In the category of weird astronomical entities, black holes have the reputation of being all take and no give. Dense enough that not even light can escape their gravitational pull, black holes have been found lurking in many corners of our galaxy, sometimes in the process of gobbling up neighbouring stars or anything else that crosses their path.
Now physicists are wondering whether black holes can give something back after all, in the form of undiscovered particles that may help explain the deeper workings of the universe. If so, the means of testing the idea may now be in hand.
“It’s just cool that this can happen,” said Asimina Arvanitaki, a researcher at the Perimeter Institute for Theoretical Physics in Waterloo, Ont., who this week organized the first-ever meeting dedicated to the subject of using black holes to hunt for new particles.
The scientific motivation for the effort is strong. All of the fundamental particles that have been identified to date fit neatly into a theory called the “standard model.” The final piece of that theory fell into place in 2012 when physicists working with the world’s largest particle accelerator, near Geneva, Switzerland, confirmed the existence of the Higgs boson.
But scientists know the standard model is insufficient to account for everything they observe. For one thing, it does not explain dark matter, a mysterious substance that astronomers have determined makes up the bulk of the material universe. All hopes that the discovery of the Higgs would be followed by hints of other particles that match the properties of dark matter have so far been dashed.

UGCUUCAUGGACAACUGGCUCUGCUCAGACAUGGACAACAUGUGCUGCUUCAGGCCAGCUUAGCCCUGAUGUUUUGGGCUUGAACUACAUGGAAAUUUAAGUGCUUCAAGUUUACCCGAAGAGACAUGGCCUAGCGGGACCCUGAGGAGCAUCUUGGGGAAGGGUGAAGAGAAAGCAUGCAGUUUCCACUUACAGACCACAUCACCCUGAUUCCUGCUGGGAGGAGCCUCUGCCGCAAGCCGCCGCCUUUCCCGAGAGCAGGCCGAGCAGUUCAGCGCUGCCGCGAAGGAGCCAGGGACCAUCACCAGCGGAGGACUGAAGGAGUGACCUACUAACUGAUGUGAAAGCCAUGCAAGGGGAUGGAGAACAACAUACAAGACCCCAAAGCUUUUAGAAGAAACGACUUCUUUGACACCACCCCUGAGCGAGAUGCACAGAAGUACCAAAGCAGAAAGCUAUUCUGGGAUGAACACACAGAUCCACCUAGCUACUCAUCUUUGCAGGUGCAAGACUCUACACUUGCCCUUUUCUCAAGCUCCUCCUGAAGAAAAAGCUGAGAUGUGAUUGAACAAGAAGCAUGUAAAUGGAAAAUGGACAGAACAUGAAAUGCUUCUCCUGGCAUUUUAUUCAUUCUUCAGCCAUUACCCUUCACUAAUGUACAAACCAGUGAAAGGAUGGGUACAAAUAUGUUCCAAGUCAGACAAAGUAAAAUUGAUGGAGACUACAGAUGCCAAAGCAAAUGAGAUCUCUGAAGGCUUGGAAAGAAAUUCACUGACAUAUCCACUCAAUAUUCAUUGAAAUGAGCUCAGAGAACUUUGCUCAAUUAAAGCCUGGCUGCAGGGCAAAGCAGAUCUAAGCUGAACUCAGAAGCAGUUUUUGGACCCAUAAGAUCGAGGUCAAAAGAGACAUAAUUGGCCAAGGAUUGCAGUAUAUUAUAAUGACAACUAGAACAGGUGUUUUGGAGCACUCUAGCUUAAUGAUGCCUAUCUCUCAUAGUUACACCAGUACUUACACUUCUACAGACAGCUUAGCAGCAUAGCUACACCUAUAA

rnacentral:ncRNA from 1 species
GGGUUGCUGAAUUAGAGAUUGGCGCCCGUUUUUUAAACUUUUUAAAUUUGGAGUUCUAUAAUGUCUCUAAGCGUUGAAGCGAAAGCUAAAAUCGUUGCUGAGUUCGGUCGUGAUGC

Instead, “We may be able to use black holes as particle detectors of a different kind,” said Will East, another Perimeter theorist who was among the 30 or so physicists from across North America and Europe whom Dr. Arvanitaki invited to the three-day gathering.
The idea is based on the little-known concept of superradiance, in which a spinning black hole surrenders a modicum of its rotational energy to a particle that is orbiting just outside it. Only particles with certain properties will be efficient at stealing energy from the black hole in this way. Calculations show those particles would then multiply to form a massive cloud surrounding the black hole that continues to siphon away energy until the cloud and the black hole are spinning at the same rate.
The motion of the cloud would generate gravitational waves – slight distortions to the vacuum of space that ripple outward and that could, in principle, be detected on Earth. Since the kind of particles needed to generate the effect are not found in the standard model, any such signal would be evidence for a new kind of particle. One possibility might be the axion, a hypothetical particle that has long been suggested as a dark-matter candidate, Dr. Arvanitaki said.
The notion has traction because of the success of LIGO, a Nobel Prize-winning experiment that in recent years has managed to detect gravitational waves caused by the distant collisions of black holes. In principle, LIGO could discern the signal from a cloud of dark-matter particles feeding off the spin of a black hole, though that would be more like a steady hum rather than a sudden crash.
Keith Riles, a physicist at the University of Michigan and a member of the LIGO team, said that the extensive calculations needed to extract such a telltale signal would make it impossible to search in all directions of the sky at once.
“The issue we would run into is that there are not enough computers on the planet to do the job,” he said.
A more feasible option would be a targeted search using data from LIGO that corresponds to specific directions in the sky where black holes are already known to exist. Dr. Riles added that the possibility of discovering a new particle in this way made the idea worth pursuing.
“Even if it’s a long shot, it would be such a fantastic discovery that we have to pay attention to it,” he said.
Frans Pretorius, a Canadian physicist based at Princeton University, said that astronomers can also look for evidence that black holes of similar size rotate at similar rates. If they do, it could mean that black holes are affected by swarms of unseen particles that tend to standardize their rotations to a uniform rate that depends on the properties of the particle.
“There’s a whole wealth of new data that we might be able to level at this problem,” he said.